Chess therapy was founded as early as AD 852-932 by a certain Dr. Rhazes who was chief physician at Baghdad Hospital. Dr. Rhazes uses chess strategies and tactics as metaphors in real life to help patients think clearer.

Wikepedia reported:

 "One of the earliest reported cases of chess therapy involves the improvement in an isolated, schizoid, 16-year old youth that took place after he became interested in chess. Chess provided an outlet for his hostile impulses in a non-retaliatory manner. Good use was made of the patient's digressions from the game and his newly acquired ability to speak about his feelings, fantasies and dreams which the particular emotional situation of the game touched off."

"The report demonstrates how the fact that chess is a game, and not real, enabled the patient to exert some conscious control over his feelings and thus learn to master them to a limited extent."

Sunday, April 23, 2017

Natural Mental Health

When I reviewed the studies on psychiatric drugs and treatments most commonly used for mental health patients, I found very little or no evidence of effectiveness. The “disease model” of psychiatry and mainstream medicine does not work.

In fact, numerous patients even got worse with synthetic brain drugs. And a number of human rights legal cases have even been filed against brain drugs over the decades.

Why are people so readily satisfied with the short cuts and simplifications of the medical disease model of mental health?

It seduces us to our wish for a quick fix. The instant gratification that does not require us to struggle with life issues — as if changing our lives are as simple as popping a pill or abstaining from a substance or activity.  It gives the appearance of magic.

In addition, although insights from psychotherapy can be useful tools, I see a need to go beyond them too. You will surely need to work on your addiction or psychological disorder specifically.

But what I believe the most crucial work is lies in what you need to think, feel, and do in regard to the direction of your overall life, of which addiction or a mental health problem is just one expression.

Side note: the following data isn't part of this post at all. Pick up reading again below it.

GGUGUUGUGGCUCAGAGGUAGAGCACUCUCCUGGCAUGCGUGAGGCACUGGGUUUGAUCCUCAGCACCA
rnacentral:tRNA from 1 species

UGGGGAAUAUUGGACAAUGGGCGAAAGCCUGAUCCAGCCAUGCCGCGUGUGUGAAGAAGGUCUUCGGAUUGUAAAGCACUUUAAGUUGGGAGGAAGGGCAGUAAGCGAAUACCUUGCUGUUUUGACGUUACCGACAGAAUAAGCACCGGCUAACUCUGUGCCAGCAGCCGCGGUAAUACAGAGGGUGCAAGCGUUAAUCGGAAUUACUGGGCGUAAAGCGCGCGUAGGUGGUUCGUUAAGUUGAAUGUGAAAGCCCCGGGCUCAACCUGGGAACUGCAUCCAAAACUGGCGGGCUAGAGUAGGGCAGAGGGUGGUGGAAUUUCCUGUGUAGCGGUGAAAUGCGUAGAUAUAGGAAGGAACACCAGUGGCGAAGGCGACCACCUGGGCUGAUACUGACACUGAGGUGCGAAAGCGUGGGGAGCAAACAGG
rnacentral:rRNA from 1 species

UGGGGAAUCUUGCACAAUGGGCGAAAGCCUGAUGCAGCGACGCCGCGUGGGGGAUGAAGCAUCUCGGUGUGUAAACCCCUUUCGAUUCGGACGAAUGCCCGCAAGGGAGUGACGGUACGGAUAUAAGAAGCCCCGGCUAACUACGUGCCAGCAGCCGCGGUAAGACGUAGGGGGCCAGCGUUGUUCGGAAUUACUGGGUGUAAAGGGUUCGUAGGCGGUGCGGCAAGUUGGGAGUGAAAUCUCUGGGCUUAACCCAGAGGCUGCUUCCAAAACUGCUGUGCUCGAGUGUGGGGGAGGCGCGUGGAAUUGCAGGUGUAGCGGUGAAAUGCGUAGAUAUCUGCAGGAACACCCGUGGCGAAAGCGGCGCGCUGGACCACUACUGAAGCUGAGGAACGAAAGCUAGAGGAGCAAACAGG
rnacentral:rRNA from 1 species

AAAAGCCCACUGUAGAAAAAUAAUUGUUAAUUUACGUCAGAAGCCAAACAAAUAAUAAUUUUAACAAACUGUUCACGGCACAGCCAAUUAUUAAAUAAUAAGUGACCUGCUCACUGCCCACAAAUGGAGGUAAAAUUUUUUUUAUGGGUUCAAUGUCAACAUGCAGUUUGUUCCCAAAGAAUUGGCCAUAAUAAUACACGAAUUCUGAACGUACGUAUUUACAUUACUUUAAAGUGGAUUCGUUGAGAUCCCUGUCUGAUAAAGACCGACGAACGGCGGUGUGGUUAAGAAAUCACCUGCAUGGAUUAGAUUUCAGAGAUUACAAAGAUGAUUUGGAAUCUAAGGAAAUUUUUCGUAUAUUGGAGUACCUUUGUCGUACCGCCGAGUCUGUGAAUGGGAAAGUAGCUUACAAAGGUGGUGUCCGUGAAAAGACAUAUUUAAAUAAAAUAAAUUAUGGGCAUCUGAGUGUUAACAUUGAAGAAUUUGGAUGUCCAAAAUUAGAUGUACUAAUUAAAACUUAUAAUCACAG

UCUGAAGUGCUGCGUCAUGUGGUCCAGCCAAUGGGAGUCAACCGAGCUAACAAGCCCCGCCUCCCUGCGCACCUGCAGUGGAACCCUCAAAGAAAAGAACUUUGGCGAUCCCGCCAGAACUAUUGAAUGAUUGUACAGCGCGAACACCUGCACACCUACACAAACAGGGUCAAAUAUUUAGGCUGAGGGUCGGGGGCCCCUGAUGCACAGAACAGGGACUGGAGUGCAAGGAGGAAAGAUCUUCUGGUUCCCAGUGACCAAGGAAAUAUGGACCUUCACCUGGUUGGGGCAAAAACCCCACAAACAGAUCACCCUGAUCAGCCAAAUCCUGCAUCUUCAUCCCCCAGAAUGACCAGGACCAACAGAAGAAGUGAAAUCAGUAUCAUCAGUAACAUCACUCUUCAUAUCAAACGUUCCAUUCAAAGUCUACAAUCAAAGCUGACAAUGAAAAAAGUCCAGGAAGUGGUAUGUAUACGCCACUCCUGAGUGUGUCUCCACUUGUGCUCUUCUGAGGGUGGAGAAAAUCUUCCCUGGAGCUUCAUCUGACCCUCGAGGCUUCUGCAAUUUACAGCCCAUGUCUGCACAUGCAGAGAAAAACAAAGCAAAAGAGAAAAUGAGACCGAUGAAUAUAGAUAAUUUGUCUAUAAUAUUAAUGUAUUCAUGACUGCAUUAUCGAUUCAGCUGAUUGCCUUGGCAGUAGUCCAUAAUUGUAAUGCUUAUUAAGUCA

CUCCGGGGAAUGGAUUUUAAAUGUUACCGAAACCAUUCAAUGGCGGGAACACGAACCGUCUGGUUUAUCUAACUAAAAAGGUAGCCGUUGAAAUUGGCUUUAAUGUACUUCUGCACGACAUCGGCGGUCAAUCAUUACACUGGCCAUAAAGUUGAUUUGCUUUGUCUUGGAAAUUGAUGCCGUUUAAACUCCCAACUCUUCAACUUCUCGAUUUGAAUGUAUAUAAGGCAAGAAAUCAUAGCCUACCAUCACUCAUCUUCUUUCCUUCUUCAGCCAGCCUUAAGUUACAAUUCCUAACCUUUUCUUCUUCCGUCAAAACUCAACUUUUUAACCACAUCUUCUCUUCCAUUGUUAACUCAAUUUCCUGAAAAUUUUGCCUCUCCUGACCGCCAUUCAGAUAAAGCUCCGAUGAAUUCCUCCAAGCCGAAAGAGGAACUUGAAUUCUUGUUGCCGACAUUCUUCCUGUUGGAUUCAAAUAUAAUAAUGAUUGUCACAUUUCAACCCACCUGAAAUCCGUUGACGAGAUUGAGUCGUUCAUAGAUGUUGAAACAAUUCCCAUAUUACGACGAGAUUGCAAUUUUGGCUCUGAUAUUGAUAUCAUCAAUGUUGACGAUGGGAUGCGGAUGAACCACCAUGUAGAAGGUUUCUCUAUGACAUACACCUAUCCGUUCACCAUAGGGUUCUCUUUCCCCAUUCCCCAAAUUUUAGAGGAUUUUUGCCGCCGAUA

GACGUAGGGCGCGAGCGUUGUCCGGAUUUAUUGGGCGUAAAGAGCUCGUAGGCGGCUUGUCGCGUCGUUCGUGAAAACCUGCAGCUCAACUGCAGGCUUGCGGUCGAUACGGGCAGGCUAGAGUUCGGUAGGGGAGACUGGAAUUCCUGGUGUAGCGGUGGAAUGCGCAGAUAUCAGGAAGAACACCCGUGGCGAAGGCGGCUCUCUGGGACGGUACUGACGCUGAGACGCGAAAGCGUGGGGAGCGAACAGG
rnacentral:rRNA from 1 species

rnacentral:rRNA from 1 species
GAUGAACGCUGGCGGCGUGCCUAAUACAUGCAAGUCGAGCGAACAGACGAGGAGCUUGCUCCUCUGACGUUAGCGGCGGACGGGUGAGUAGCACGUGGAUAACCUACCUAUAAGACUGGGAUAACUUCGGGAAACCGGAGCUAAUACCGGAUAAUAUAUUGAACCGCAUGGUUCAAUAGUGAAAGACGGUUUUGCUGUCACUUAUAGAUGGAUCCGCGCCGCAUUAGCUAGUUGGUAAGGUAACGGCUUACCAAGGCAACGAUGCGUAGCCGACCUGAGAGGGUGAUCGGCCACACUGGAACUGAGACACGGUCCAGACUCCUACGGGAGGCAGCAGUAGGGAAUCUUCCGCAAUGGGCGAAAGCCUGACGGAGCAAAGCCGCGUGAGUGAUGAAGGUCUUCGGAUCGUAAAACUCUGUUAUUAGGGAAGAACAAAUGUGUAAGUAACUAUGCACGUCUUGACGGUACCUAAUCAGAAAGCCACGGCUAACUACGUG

To heal beyond the drug-based or disease model concentrates on strengthening the “life skills.” A person needs to replace an addiction or emotional dysfunction with deeper satisfactions and better ways of coping.

These include personal, marital, and family therapy; emotional and social skills training; job skills; spiritual life savers; and stress management.

Then, there is what I call a “community reinforcement approach” or involvement in therapeutic groups where people’s lives are addressed as a whole as well as their addictions.

The ultimate goal is “whole life” natural recovery and transformation — which disease-oriented treatment says is impossible. There is no reason why you are unable to shed the “addict identity,” for instance.

You  altogether can put your self permanently on a new, healthy plane of existence. It is within reach. If you believe it, and act on that belief.

Choose natural mental health.

Wellness ... In Spite of Pain

Pain is a place for the mind and soul. It's an inevitable part of life. We're often unable to fully understand the substance of our self. But our willingness to go deeper and experience the pains of life can make us find this true substance .... and wellness in spite of them.

Pain is not just physical. Mother Teresa was once quoted saying that the worst disease in the world is not leprosy or tuberculosis but the feeling of being unwanted, unloved, and abandoned by every one. Life's pain also includes the non-physical, the emotional, relational, and spiritual pain. It's so because the self is of many components, one but of many parts.